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The Young Economist

From the January/February 2007 Issue

At age 26, Jesse Shapiro practices accessible economics. ‘I’m Happy to Do That.’

In the Malkin Penthouse of Harvard’s Kennedy School of Government, janitors worked in the fading light of afternoon to dismantle coffee urns and rear­range furniture. They also tried, gently, to disperse the crowd that had gathered around a 26-year-old academic wunderkind named Jesse Shapiro. Shapiro, who received his Ph.D. in economics from Harvard in 2005, is a fellow at the University of Chicago’s Becker Center. He was wrapping up a brief triumphal tour of Cambridge with a one-day guest appearance. He could easily have used this custodial nudging to beg off any further discus­sion. Instead, he moved the freewheeling seminar that was dissecting his presentation—“What Drives News Media Slant?”—to a narrow passageway downstairs. Never flustered, always engaged, Shapiro defended his work, pausing occasionally to jot down a bit of constructive criticism.

“The whole fun of giving seminars or presenting a paper is the give and take with the audience,” Shapiro said later. For many of his challengers, the respect was mutual. “This is one of the best studies in this area I’ve seen in 35 years,” says Benjamin Compaine, who teaches at Northeastern University.

Jesse Shapiro (500)

Shapiro and his co-author, Matthew Gentzkow, applied a “revealed preference…measure” based on partisan keywords—such as “estate tax” versus “death tax”—to a wide slate of U.S. newspapers, cross-referenced with the voting preferences of readers. Shapiro and Gentzkow found that even the most ideological newspaper owners face market discipline. The political bias of a particular paper is much more likely to match the voting preferences of its local audience than the beliefs of its owner.

Shapiro has rapidly grown to prominence in his field by finding clever ways to apply economic princi­ples outside traditional areas. Topics have included the roots of obesity in America, how TV ads affect urban development, the effect of prison on inmates, and the role of charisma in U.S. elections.

His topics have included the roots of obesity in America, the religious divide between Republicans and Democrats, the effect of prison on inmates, the role of charisma in American elections, and where media bias comes from.

For that last project, Shapiro and co-author Daniel Benjamin showed subjects silent video clips of unfamiliar gubernatorial debates. The subjects were then asked to predict the vote share each can­didate would receive. Their snap judgments turned out to have more predictive power than traditional economic variables did. But when Shapiro and Benjamin turned the sound on, the predictions became less accurate. Their conclusion? “Naiveté may be an asset in some forecasting tasks.”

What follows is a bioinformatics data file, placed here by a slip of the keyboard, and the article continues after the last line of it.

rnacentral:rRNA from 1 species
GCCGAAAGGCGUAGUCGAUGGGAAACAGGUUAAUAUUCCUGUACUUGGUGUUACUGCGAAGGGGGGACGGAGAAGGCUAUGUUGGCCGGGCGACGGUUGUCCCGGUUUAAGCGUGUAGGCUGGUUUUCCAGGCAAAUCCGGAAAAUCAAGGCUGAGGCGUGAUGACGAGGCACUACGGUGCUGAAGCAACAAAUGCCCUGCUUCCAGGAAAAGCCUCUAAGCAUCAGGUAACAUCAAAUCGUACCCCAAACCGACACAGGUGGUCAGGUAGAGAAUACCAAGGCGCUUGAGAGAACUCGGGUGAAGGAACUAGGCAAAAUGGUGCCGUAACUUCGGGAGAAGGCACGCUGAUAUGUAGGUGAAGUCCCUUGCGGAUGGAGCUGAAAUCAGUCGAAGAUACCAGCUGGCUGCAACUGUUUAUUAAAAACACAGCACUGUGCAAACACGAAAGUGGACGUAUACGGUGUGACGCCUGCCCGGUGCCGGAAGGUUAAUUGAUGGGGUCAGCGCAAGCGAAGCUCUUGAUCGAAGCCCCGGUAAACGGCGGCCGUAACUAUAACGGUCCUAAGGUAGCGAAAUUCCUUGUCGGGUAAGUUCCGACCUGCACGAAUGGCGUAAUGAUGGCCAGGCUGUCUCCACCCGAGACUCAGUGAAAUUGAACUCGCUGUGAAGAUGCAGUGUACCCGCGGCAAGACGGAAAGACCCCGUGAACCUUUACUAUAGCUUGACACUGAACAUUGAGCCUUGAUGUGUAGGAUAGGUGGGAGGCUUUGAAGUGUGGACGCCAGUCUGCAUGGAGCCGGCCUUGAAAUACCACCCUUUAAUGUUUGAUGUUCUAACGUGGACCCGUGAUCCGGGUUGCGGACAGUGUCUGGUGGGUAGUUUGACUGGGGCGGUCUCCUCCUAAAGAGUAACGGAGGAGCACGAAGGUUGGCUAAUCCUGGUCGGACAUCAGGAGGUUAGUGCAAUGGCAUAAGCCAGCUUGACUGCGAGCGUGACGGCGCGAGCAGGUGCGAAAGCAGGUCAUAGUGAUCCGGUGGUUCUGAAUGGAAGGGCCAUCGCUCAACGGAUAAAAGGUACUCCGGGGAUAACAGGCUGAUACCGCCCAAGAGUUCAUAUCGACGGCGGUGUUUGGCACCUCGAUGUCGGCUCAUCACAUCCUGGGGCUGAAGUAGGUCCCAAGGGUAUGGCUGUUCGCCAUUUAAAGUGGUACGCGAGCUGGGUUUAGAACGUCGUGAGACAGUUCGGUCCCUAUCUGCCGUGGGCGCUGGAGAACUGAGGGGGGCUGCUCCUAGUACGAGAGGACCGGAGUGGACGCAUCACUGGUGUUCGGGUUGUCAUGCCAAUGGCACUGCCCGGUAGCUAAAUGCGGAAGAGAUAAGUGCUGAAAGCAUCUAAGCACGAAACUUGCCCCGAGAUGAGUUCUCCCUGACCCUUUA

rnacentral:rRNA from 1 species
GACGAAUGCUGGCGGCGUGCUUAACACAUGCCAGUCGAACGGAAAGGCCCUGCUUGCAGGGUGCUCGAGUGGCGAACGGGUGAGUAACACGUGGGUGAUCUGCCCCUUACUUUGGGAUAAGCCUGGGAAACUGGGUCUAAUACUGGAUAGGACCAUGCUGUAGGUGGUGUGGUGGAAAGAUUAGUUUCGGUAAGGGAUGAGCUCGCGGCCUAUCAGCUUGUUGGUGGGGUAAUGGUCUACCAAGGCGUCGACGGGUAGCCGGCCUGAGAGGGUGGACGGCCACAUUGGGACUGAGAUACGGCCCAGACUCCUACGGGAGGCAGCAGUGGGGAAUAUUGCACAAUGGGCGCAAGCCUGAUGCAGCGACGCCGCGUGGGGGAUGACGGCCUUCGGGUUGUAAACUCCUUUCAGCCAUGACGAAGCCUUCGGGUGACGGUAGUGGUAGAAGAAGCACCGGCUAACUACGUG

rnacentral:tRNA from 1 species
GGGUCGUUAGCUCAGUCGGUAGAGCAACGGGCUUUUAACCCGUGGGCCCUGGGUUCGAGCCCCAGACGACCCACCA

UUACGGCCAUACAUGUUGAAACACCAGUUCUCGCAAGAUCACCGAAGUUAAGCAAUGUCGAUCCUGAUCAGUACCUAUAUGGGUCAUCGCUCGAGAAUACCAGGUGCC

The son of a Brooklyn high school special-educa­tion teacher and a private school college counselor, Shapiro was not always destined for the academy: “I knew I really liked economic theory, but it wasn’t until college that I began to understand this was a set of tools you could apply very widely.”

Shapiro received his B.A. in economics, summa cum laude, and his M.A. in statistics from Harvard at the same time in 2001. He won a National Science Foundation graduate research fellowship and another from the libertarian Institute for Humane Studies in Virginia. Now, he and his wife, Emily Oster, who got her Harvard economics Ph.D. in 2006, are the inaugural fellows at the Becker Center on Chicago Price Theory. Oster, whose current work involves the economics of infectious disease, is “also one of the best young economists in the country,” says Tyler Cowen, a George Mason University economist who runs the blog Marginal Revolution. “You have this incredible power cou­ple—a dynamic duo, either of whom is completely over­whelming intellectually.”

As for his work, Shapiro says, “I try to work on issues that are either relevant to public policy or the source of some controversy, or…topics that are poorly understood, by me as much as anybody else. To the extent that it is possible to write and commu­nicate in a way that makes what I’m doing accessible to a more general audience, I’m happy to do that.”

Exceedingly modest, Shapiro prefers to play down his personal story. When asked if his parents were proud of him, he demurred, preferring to move on and focus on his work, not himself.

Others are less restrained. “Jesse’s work shows explicitly how economic analysis can provide con­siderable insight into real world problems,” says Gary Becker, the Nobel Prize–winning economist and namesake of the institution whose support lets Shapiro immerse himself in research, with the occa­sional workshop and seminar thrown in.

What’s ahead? Jesse is working on another thorny topic: the role of the profit motive in distributing life-saving drugs to developing countries. More crowds will gather around that one.

 

Photograph by Saverio Truglia


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